Share on FacebookTweet about this on TwitterShare on Google+Share on RedditShare on LinkedInShare on Tumblr

Every year, there are approximately 12,500 new cases of spinal cord injury in the United States. Vehicle crashes are the leading causes of spinal cord injuries. The most frequent neurological damage sustained by such injuries is incomplete tetraplegia, followed by incomplete paraplegia. Tetraplegia refers to paralysis of all four limbs (arms and legs), and paraplegia refers to paralysis affecting the legs and possibly the trunk but does not include the arms. Being “incomplete” means that, despite the injury, some motor and sensory function remains.

 Spinal cord injuries are quite serious, with many of them resulting in the paralysis of one or more limbs or numbness in certain areas of the body.

Image Source: B. Boissonnet

Researchers from Rush University Medical Center are studying a novel approach to treating these spinal cord injuries. The new therapy uses stem cells to treat the spinal cord within 14-30 days of the injury. The stems cells are derived from human embyronic stem cells. They contain progenitor cells that support nerve cells and can potentially restore nerve function. Progenitor cells are cells that, like stem cells, can differentiate to form certain kinds of cells, but are not able to divide indefinitely.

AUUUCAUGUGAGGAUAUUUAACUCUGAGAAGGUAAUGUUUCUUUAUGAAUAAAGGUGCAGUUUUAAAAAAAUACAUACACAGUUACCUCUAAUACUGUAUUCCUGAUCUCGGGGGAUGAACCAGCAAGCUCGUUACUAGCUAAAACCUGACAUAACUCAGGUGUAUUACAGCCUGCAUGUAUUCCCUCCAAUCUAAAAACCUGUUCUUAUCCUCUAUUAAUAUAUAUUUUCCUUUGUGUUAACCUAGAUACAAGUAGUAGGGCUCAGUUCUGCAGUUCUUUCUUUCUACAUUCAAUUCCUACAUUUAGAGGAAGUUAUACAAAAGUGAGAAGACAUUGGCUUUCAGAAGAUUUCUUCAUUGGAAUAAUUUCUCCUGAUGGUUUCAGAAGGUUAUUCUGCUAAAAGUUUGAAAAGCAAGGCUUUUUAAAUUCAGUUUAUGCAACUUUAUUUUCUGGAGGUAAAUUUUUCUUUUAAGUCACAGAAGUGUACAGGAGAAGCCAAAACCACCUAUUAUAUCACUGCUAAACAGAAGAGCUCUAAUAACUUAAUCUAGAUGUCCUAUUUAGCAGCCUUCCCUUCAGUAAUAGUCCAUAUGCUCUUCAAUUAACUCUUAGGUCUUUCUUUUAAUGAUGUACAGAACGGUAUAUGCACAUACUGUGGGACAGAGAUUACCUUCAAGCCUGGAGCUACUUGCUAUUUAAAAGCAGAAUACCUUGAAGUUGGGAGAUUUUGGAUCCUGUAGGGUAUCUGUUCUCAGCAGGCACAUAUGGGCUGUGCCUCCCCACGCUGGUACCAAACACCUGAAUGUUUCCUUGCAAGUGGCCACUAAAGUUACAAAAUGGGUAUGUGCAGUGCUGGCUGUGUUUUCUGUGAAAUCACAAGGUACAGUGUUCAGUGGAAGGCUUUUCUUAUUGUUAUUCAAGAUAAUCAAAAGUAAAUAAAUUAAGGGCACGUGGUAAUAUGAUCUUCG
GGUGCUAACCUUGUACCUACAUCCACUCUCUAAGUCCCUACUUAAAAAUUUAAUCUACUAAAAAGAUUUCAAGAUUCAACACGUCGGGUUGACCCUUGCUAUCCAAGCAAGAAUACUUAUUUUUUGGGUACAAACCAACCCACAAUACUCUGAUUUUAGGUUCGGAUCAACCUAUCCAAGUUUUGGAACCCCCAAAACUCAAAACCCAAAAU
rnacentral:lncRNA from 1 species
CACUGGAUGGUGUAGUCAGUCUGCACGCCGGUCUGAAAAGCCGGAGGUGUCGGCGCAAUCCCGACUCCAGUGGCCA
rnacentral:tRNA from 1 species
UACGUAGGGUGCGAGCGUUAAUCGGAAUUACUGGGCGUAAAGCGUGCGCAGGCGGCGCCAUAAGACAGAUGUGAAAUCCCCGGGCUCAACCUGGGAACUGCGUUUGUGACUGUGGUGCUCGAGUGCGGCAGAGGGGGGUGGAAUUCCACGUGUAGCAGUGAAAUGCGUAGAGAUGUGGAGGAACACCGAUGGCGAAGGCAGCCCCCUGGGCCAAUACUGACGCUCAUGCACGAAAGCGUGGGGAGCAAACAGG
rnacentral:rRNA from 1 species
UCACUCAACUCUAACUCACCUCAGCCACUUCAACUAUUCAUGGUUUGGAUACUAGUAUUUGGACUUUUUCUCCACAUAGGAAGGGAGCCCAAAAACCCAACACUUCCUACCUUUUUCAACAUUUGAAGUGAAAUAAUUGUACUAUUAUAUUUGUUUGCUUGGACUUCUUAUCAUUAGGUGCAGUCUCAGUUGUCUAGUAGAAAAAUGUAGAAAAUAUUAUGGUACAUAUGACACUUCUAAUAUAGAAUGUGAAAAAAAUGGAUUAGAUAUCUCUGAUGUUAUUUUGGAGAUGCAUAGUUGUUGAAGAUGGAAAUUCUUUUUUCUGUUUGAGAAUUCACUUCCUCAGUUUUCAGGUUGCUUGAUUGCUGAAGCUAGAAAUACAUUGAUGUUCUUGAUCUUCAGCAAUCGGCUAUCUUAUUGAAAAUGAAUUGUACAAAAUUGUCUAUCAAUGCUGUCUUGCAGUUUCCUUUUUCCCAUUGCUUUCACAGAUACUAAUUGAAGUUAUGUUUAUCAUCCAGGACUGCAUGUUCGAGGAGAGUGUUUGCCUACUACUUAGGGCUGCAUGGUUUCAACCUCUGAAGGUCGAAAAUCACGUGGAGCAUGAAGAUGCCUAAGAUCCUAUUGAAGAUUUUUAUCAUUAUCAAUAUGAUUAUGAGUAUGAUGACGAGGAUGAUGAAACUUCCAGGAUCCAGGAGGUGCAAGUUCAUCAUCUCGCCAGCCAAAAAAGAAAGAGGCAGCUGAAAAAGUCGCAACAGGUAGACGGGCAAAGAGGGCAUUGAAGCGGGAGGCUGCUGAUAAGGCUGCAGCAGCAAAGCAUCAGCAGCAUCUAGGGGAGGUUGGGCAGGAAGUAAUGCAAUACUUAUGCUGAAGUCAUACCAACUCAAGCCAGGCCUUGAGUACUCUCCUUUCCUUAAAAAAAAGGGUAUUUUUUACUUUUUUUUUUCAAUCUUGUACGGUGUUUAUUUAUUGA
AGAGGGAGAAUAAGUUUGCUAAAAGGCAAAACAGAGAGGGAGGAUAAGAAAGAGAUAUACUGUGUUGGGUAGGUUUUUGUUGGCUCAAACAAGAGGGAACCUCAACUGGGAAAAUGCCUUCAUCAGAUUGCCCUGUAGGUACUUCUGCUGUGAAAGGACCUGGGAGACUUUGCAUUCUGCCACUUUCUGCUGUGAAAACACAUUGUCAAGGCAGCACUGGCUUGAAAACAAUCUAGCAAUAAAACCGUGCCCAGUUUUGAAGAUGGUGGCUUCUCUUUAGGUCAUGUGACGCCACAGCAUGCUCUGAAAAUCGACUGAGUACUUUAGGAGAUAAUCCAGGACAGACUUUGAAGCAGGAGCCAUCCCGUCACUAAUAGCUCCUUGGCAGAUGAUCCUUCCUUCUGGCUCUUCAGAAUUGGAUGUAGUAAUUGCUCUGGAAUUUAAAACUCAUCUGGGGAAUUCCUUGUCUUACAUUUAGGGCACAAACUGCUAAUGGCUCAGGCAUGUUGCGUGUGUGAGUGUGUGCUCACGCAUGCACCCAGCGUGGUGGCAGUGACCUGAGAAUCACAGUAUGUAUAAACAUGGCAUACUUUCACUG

A Phase 1 clinical trial has begun involving AST-OPC1 (oligodendrocyte progenitor cells). The study will test the safety and effectiveness of increased doses of AST-OPC1 in people with a complete cervical spinal cord injury. One individual is currently enrolled in the study. Dr. Richard G. Fessler, the principal investigator for the trial, revealed that the surgical procedure for the injection of the cells went well, and there have not been any intraoperative complications.

The trial participants will include people with neurologically-complete cervical spinal cord injury. People with this type of injury have no sensation or movement below the site of the injury and are paralyzed in the upper and lower limbs. They receive three escalating doses of AST-OPC1 at 14-30 days after the injury and are continuously monitored through neurological exams and imaging methods to determine the safety and effectiveness of the therapy. The goal of the treatment is to restore partial motor and sensory functions. Fessler indicated that even small improvements in these areas could lead to a much better quality of life for people with spinal cord injuries. In order for the therapy to be effective, the spinal cord must be intact and unsevered.

Depending on the success of the clinical trial, AST-OPC1 could be used in the future to treat other conditions involving the spinal cord, such as multiple sclerosis (MS) or amyotrophic lateral sclerosis (ALS).

Feature Image Source: Neural Stem Cells by Joseph Elsbernd

Share on FacebookTweet about this on TwitterShare on Google+Share on RedditShare on LinkedInShare on Tumblr